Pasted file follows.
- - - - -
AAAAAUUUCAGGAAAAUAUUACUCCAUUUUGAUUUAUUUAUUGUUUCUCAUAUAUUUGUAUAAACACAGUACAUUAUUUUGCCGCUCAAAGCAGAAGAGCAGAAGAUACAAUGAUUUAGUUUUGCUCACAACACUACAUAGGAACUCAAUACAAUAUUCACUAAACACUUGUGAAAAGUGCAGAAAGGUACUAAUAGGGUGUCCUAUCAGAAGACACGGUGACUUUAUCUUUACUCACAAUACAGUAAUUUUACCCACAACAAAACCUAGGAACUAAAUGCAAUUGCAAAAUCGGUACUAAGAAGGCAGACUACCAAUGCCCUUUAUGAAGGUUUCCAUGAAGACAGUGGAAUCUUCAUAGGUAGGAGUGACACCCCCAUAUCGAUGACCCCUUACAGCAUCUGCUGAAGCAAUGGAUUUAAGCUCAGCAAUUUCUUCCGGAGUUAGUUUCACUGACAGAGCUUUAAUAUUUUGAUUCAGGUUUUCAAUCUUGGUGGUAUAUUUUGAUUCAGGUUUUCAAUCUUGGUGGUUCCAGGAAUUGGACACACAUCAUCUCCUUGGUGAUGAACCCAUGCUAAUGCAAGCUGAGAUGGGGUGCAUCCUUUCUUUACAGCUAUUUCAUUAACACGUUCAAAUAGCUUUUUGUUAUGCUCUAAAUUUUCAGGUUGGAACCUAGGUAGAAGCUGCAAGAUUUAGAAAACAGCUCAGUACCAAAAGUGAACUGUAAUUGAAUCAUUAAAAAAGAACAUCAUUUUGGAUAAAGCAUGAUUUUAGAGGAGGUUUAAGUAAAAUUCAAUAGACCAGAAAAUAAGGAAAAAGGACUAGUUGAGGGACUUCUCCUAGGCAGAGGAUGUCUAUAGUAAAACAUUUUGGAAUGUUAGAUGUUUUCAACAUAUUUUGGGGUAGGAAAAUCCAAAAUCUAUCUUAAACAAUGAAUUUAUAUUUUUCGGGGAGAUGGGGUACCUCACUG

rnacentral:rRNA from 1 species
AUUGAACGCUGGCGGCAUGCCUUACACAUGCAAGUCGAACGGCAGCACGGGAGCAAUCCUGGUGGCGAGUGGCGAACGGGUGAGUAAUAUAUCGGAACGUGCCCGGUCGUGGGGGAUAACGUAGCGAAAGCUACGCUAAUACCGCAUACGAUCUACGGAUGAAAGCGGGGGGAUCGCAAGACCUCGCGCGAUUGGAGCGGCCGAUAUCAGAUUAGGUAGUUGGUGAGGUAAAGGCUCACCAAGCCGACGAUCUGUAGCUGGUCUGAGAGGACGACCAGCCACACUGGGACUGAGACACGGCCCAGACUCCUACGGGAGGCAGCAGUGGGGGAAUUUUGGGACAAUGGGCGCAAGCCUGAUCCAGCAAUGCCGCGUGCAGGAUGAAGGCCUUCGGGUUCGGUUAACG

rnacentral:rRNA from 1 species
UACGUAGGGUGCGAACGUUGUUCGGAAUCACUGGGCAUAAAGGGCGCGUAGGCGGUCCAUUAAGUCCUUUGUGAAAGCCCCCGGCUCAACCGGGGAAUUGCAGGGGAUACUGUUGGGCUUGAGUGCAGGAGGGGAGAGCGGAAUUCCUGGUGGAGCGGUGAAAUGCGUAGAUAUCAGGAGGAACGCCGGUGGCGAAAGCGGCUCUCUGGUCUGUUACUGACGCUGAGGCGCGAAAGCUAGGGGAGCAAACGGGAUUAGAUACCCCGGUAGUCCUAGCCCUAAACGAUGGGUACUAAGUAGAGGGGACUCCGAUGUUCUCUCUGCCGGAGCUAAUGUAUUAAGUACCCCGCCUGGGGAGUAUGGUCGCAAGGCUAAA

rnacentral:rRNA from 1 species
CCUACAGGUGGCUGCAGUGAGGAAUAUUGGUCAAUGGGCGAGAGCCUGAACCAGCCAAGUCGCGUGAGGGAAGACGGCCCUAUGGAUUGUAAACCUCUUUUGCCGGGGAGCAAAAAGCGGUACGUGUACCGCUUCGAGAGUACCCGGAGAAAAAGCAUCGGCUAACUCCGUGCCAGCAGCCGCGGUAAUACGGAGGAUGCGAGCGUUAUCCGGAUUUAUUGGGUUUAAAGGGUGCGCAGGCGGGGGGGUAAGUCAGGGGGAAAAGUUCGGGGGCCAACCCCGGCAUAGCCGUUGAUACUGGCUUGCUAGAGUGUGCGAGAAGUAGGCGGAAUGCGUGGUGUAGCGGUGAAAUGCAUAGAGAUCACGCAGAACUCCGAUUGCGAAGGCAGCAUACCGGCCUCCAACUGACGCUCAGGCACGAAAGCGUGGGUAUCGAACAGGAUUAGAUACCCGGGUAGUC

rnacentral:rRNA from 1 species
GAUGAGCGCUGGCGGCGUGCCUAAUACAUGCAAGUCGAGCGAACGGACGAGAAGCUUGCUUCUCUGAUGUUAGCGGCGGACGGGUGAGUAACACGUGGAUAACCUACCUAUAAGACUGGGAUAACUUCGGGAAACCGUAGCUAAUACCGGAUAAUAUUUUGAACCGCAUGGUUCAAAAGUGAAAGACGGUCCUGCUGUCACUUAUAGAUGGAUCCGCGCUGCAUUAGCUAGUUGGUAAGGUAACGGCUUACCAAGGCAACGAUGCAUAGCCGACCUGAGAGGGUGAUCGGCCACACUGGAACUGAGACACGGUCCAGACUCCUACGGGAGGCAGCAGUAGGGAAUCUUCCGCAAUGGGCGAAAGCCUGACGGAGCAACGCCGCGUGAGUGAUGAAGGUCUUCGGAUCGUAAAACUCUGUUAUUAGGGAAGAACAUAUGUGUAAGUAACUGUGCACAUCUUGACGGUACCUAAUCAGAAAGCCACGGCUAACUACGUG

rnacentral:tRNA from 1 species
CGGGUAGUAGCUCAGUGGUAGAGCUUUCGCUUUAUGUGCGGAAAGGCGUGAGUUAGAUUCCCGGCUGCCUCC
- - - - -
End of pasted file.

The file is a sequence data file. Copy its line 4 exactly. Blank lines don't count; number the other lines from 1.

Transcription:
rnacentral:rRNA from 1 species